A handful of students — including first-years Becca Brandes, Molly Cartwright and Helen Hill — spelled it out for their peers in front of Polk Place.
It was during his freshman year at DSA that Lee was first introduced to the organ by his own piano teacher Fred Mason. “A lot of what I already knew for the piano overlapped with the organ,” Treml said. By his senior year of high school, Lee was an active substitute for organists in the area.
Lee would like to be a full-time minister at a Catholic parish, and is in the process of applying to graduate school to get a Masters of Sacred Music (MSM). “I just prayed about it a lot, and eventually I felt like God was calling me to be a music minister,” Lee said. “That’s what I was really desiring to do, and I feel like God wouldn’t give you a desire to to something unless you really wanted to do it.” Shorter-term, Lee and his mom will be visiting Vatican City over spring break, which for Lee falls on the same schedule as DSA.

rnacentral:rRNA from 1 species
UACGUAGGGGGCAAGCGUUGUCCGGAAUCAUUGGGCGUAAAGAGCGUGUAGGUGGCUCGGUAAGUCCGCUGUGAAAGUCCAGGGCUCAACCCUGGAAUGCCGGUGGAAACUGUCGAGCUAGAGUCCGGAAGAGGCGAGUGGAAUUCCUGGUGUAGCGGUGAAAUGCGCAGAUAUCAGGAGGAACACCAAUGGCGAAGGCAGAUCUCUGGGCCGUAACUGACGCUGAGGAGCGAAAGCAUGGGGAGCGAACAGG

On Saturday evenings, Lee drives with his mom, Susan Treml, to the Immaculate Conception Catholic Church in Durham, their home parish. He plays the organ while she sings along in the choir. “Lee never had private [piano] lessons, he just started to play in middle school” Mrs. Treml said. “When he told me Mr. Mason offered to teach him the organ I said ‘You’re kidding,’ and he said ‘Yeah it’s free! You just have to buy me organ shoes.’”
Lee Treml, a senior and music education major at UNC-Chapel Hill, spends 35 hours a week working as a teacher’s assistant in the piano lab at Durham School of the Arts (DSA). As an alumnus of the high school, Lee was recognized from four years ago by one of his current students. “He was always the quiet kid who was really good at piano,” DSA junior Jeremiah “Legacy” Griffin said, a 7th-grader at the time. “I was like ‘Wow, one day I will be as good as him.’”